Highlights from Citi’s IR Academy
This is the third consecutive year IR magazine has attended Citi’s IR Academy in New York, joining an audience of IROs from both US and non-US companies in early October.
In the spirit of an ‘academy’, these companies came to learn from experts representing Citi’s trading, equity research, corporate finance and equity capital markets divisions.
But as European IROs compared debt crisis tales with peers from the US, Asia and elsewhere, it turned out to be as much an oasis of camaraderie as it was a study session.
Leading off, Brennan Warble, managing director and head of Citi’s Americas sales trading, talked about how IROs can navigate a high-volatility environment.
Extreme markets, he said, always bring structural change, such as the Dodd-Frank Bill coming out of the financial crisis of 2008, or order-handling rules and trading curbs after the flash crash of 2010.
The volatility that gripped the market in August may not trigger more new rules, but there will be more enforcement and implementation of recently enacted ones.
For example, IROs will need to understand more about how orders for their stock are being handled.
The Rise of ETFs and index funds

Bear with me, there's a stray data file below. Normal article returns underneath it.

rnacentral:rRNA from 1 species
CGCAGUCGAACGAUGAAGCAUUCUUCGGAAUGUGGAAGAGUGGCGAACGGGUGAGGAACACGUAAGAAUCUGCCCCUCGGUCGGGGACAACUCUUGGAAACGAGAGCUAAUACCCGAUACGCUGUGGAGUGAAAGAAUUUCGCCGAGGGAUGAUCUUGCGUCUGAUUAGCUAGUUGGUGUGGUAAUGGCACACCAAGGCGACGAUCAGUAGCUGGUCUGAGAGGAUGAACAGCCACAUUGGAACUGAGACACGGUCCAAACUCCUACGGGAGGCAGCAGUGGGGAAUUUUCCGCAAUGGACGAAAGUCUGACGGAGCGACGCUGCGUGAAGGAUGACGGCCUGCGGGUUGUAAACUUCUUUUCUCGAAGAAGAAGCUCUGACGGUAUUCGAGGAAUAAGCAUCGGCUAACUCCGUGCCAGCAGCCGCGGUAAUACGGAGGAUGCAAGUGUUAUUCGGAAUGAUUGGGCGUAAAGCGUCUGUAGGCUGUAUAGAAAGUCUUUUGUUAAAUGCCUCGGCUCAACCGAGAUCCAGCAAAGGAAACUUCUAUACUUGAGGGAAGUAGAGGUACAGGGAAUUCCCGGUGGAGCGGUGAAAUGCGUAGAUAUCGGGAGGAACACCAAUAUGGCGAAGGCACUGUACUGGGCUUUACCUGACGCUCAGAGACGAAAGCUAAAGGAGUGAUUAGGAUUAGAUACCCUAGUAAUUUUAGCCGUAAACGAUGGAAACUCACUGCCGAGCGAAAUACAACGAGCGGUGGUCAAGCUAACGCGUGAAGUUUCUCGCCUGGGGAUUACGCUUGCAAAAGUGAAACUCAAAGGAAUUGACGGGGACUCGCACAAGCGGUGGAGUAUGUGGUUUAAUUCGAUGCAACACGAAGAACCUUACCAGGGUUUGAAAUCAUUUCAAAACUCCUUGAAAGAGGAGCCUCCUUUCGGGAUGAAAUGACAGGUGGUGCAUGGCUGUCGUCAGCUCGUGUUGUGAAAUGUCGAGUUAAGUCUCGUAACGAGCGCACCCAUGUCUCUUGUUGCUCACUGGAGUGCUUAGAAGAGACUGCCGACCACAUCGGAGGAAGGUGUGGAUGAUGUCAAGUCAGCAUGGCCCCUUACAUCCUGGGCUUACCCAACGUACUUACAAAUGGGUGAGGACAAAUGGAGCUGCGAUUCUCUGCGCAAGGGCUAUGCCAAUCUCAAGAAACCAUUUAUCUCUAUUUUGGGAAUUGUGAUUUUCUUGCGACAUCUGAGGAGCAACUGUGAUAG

Throughout this year’s IR Academy, there was much discussion of ‘highly correlated markets’ where investors are chasing the same positions, causing a wide range of securities – and many funds – to rise and fall together.
‘For a fund manager, it’s very difficult to outperform because all stocks, all asset classes, are moving in sync,’ Warble explained.
That high correlation, combined with the illiquidity of single stocks in extreme markets, is one of the forces behind the explosive growth of exchange-traded funds (ETFs) and index funds.
‘People aren’t necessarily looking at your company; they’re just looking at which indices you’re in,’ Warble said, suggesting there is an opportunity for IROs to explain to shareholders why their company should be afforded a premium valuation.
Next up, Tobias Levkovich, managing director and chief US equity strategist at Citi, invoked his ‘trading places’ thesis, originally put forward in 2001.